This book describes the journey. Themba Nzimande holds a degree in political science and public management. He has been involved in the politics of the Inkatha Freedom Party since its inception in and has served on its Central Committee. A Rumour of Spring. A History of South Africa: Selected Speeches and Writings of Nelson Mandela: The End of Apartheid in South Africa. The Words of Nelson Mandela. Who Rules South Africa? A History from the Pre-colonial Period to A Concise History of South Africa.
The Making of Modern South Africa.
What can I do to prevent this in the future?
A Very Short Introduction. A History of Zimbabwe. Old Treacheries and New Deceits. Rediscovering the Hidden World. South Africa - The Present as History. Glimpses Of A Global Life. Liberation Movements in Power. South Africa - From Apartheid to democracy. You know that our Party has been engaged for several months in promoting the Roadmap strategy prepared by our former Secretary-General to assist me to make this decision. We have done that simultaneously with an audit of all our branches, for we discovered that not all the "Friends of VZ" defected to the NFP and some bogus branches remained.
Not only that, but we found that some membership booklets had disappeared along with our defected members, who were now signing up bad-faith branches to send bad-faith delegates to Conference. The old plan was still afoot to disrupt this Conference; this time to foist on us leaders with whom I would find it difficult to work if I agreed to oversee the transition. Our opponents hope that even if I agree to continue, I will resign in frustration, leaving the Party under pliable leaders that can easily be manipulated from outside our Party.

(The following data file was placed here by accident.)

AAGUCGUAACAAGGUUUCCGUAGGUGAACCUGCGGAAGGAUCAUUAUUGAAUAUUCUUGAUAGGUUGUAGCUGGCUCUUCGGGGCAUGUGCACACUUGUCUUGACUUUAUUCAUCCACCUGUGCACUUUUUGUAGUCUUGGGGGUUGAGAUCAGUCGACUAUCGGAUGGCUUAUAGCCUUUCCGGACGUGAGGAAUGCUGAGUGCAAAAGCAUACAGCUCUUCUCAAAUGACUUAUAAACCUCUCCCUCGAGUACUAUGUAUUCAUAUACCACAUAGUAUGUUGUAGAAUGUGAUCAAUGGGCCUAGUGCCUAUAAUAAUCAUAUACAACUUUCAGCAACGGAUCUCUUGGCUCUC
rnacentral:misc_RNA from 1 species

We saw, as we presented the Roadmap strategy to our various districts, that there was general support for the Roadmap and recognition across the board that this is the blueprint for our strengthened future. But, to my great disappointment, the District of Zululand emerged as the only voice of dissent. National Council engaged these leaders, even postponing conference yet again, to give them time to properly discuss matters with their constituents. I regret to report that it became evident that a slate was being used to disrupt the Roadmap strategy and to foist a different leadership on the IFP.